Posted by Cassia on September 22, 1997 at 17:02:25:
In response to More about Helen Burns, written by Amy on September 22, 1997 at 16:31:26
] I guess Helen knew she wasn't going to live to adulthood. Sad, like Beth March.
] I know she taught Jane some useful ways to think of her situation that probably got Jane through some rough times, but I'm like Jane in having trouble with turning the other cheek and can't help but agree with Jane's take on the world as I read some of the earlier dialogs between Jane and Helen.
] "But I feel this, Helen: I just dislike those who. whatever I do to please them, persist in disliking me; I must resist those who pu nish me unjustly. It is as natural as that I should lvoe those who show me affection, or submit to punishment when I feel it is deserved."
] "Heathens and savage tribes hold that doctrine, but Christians and civilized nations disown it."
] "How?" I don't understand."
] Me neither. The Christian doctrine of forgiveness eludes my grasp. Family members of Jeffery Dahmer's victims forgiving him on TV. I don't get it. Call me a heathen, I guess.
This is the only part of Christian theology I do understand. It is necessary to forgive because holding on to the resentmenats of life will eventually cause harm to you. We are all slighted on a nearly daily basis, we are all neglected in some way , shape or form at least part of the time. Holding on to the anger, resentment and ire ruins your happiness tends to make one so defensive that new harms are no longer a possibily, they are an inevitabily.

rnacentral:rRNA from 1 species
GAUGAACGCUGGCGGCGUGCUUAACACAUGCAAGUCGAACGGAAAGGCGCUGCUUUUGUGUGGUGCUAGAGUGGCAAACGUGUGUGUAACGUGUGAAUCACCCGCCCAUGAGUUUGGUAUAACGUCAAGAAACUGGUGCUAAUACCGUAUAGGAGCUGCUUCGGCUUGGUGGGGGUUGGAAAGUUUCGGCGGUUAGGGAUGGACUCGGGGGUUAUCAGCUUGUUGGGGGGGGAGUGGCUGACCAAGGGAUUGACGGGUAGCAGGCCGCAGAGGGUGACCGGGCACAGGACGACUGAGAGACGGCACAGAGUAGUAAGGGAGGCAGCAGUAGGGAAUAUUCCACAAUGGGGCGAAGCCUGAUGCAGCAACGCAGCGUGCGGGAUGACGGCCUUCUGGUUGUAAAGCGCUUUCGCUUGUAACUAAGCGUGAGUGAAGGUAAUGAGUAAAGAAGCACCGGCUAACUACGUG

Turning the other cheek does mean that you necessarily ignore the wrongs others do you, instead, feel the anger and move beyond the wrong. Think of how much of a wreck little Jane is at the beginning of the novel, she has no happiness, even when treated with kindness by Bessie; she looks for the trick in every encounter. Once she lets go of all of the old anger she can begin to make friends and allow others to love her.
Does this mean that she feels her emotions less? No, Jane is always passionate. She simply displays them in way that take the feeling of others into consideration. This is necessary for any society to survive because it is the base on which we build love.
And love is a necessity for humans. Anthropologist Colin Turnbull reported on a culture where famine had broken all ties in and amoung the member. Thsy could no longer care for or about one another and even when condidtions were no longer so autere they could not rebuild and were perhaps doomed.
Choosing to forgive is choosing to love despite everything and love isn't just an emotion, it is a choice.
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